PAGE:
Another one of the few differences that the two MacBook Pros have is that the bigger 16-inch model features a High Power Mode, which is basically the opposite of Low Battery Mode. This function is intended to make full use of the M1 Pro or Max chip in the 16-inch MacBook Pro (even when the machine is running only on battery). When the High Power Mode is enabled, the MacBook Pro would prioritize resource-heavy tasks, such as any currently-running processes related to photo or video-editing software. On the other hand, resource-hungry system processes would be de-prioritized, thus allowing for more optimal utilization of the M1 Pro/Max chip. This feature is especially beneficial for 16-inch MacBook Pros that are configured with the M1 Max chip, as the High Power Mode is mainly designed with the idea to allow the MacBook Pro to be more fully utilized this high-performance-chip.

The lack of the High Power Mode in MacBook Pro 14-inch models with M1 Max chips doesn’t mean that the machine wouldn’t be able to utilize its hardware – most users would probably never notice any visible difference in performance. However, if you are thinking about going for a MacBook Pro with an M1 Max configuration and are really looking to squeeze every last bit of performance potential out of the M1 Max chip, we recommend getting the 16-inch MacBook Pro because of its High Power Mode. Also, remember that, as we mentioned above, the price difference between the two MacBook models is technically only $200 if they feature the same hardware configuration.

Battery and charging

The larger size of the 16-inch MacBook Pro means that it would be the more power-hungry of the two models. However, it also means that it can fit a larger, 100-watt battery, compared to the 70-watt battery of the 14-inch option. In this case, the correlation between larger size, higher power consumption, and a bigger battery goes in favor of the latter. Due to the bigger size of its battery, the MacBook Pro 16-inch is able to work for longer without needing a recharge. According to Apple, the bigger MacBook Pro can deliver up to 21 hours of video playback, whereas the 14-inch model could last for about 17 hours while playing video. The battery life difference is similar for other activities such as web browsing and video streaming.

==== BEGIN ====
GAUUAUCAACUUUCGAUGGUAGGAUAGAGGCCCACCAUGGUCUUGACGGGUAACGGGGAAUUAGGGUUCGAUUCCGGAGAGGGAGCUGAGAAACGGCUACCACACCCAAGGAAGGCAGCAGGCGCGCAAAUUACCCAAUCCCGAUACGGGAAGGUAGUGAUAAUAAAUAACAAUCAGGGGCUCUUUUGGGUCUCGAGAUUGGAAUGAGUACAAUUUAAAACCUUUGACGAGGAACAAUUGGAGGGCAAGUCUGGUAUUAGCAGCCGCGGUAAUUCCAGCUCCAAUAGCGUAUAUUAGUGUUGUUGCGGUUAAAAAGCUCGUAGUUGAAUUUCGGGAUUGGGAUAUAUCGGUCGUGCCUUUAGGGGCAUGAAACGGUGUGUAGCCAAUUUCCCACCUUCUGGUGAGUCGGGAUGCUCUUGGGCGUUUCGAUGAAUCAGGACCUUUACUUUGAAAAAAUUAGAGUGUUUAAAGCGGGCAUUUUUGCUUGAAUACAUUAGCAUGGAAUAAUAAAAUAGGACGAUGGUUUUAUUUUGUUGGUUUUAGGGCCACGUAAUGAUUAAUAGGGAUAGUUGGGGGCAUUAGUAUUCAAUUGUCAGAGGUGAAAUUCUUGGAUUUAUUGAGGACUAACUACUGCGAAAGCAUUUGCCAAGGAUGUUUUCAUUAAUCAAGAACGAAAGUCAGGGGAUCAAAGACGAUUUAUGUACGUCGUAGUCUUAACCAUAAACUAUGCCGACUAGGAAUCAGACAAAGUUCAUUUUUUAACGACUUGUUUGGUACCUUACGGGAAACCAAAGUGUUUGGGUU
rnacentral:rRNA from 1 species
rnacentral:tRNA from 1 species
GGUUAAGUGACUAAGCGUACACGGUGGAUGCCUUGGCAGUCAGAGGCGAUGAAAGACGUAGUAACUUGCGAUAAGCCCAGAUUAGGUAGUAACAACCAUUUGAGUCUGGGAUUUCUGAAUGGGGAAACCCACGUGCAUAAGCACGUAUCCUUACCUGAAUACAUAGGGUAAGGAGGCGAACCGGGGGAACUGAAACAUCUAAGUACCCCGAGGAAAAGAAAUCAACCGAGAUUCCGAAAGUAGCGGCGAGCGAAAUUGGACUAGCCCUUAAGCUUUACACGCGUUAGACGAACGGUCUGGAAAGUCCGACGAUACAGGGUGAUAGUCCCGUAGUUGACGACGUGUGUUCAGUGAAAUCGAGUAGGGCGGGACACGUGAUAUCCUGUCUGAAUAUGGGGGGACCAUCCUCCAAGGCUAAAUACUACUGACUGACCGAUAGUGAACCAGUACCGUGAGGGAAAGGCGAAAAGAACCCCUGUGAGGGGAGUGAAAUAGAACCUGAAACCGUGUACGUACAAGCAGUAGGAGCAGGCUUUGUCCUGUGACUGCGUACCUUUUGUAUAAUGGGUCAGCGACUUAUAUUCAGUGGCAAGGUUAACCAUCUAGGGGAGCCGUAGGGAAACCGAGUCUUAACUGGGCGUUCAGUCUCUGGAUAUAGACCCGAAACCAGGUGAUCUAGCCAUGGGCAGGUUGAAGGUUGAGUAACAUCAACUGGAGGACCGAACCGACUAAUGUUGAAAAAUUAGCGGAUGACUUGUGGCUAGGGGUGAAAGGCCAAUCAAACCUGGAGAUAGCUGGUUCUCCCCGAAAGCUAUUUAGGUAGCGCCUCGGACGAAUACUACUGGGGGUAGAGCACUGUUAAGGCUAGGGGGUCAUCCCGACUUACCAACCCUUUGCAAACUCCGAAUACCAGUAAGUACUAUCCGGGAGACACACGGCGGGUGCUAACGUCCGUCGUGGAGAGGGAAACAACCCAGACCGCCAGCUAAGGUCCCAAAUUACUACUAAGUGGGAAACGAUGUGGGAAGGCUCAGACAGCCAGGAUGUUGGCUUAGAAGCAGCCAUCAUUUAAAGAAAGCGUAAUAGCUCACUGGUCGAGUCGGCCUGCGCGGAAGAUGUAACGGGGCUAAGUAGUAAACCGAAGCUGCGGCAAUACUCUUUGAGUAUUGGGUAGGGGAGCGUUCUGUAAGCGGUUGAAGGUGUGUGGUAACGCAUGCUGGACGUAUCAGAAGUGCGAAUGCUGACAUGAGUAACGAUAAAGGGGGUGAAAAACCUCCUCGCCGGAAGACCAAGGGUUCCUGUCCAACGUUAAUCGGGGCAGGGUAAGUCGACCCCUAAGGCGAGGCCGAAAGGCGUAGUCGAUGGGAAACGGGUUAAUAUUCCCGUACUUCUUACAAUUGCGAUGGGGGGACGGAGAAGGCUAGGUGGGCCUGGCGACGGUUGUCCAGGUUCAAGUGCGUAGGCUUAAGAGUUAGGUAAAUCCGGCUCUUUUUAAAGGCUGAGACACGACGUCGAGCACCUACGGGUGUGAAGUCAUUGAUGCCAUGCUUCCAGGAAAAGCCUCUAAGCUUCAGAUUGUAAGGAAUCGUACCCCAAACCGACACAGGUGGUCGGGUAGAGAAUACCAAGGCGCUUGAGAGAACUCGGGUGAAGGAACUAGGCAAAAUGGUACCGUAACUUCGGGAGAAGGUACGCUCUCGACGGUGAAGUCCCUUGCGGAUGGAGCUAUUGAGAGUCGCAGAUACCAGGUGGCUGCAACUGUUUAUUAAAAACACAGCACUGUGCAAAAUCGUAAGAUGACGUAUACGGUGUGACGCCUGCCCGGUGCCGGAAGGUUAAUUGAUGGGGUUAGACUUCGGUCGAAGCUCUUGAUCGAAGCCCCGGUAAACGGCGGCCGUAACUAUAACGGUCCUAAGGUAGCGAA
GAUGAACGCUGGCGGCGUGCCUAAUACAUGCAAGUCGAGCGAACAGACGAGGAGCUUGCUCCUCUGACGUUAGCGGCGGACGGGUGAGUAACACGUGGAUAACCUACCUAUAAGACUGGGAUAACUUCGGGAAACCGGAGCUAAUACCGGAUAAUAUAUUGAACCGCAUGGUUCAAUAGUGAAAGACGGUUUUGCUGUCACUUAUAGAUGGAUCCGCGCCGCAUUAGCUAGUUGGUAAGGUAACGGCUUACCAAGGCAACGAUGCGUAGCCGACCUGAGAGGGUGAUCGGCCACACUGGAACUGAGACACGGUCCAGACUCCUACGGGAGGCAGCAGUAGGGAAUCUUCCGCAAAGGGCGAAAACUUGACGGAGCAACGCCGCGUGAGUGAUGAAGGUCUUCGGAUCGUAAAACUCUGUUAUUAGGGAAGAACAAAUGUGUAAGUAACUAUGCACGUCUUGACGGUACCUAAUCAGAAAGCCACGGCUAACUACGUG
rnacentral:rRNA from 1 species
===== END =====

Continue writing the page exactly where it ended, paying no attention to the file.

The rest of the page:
Regarding the charging process, both devices can be fast-charged using their MagSafe 3 ports or charged normally with their USB-C power adapters that are featured in their boxes.

Final Verdict

In our opinion, the three most significant differences between the two MacBook Pro models, in that order, are their size and weight, the lower-priced 8-core CPU/14-core GPU configuration option of the 14-inch model that isn’t available for the 16-inch, and the High Power Mode that’s only featured in the 16-inch MacBook Pro. First, you must know whether you have a particular preference towards either MacBook Pro size, which would typically mainly depend on which of the following two you prioritize more – portability or larger screen area for greater convenience while working. 

Next, you need to have a clear idea about whether you’d be satisfied with the base hardware configuration of the smaller MacBook Pro, as this lower configuration allows the 14-inch model to be $500 cheaper than the 16-inch while still benign able to deliver top-tier performance. If it turns out that you prefer/need a more powerful configuration, the price difference between the two models shrinks significantly, at which point getting the bigger laptop may be justified, especially if you already have a preference for it.

Lastly, if you intend to go for a high-tier M1 Max configuration regardless of which model you choose to pick, and you know that you’d be making full use of its hardware capabilities, you may be better off choosing the 16-inch option because of its High Power Mode, which isn’t available for the 14-inch, will let you push the M1 Max chip to its limits, thus realizing its full potential.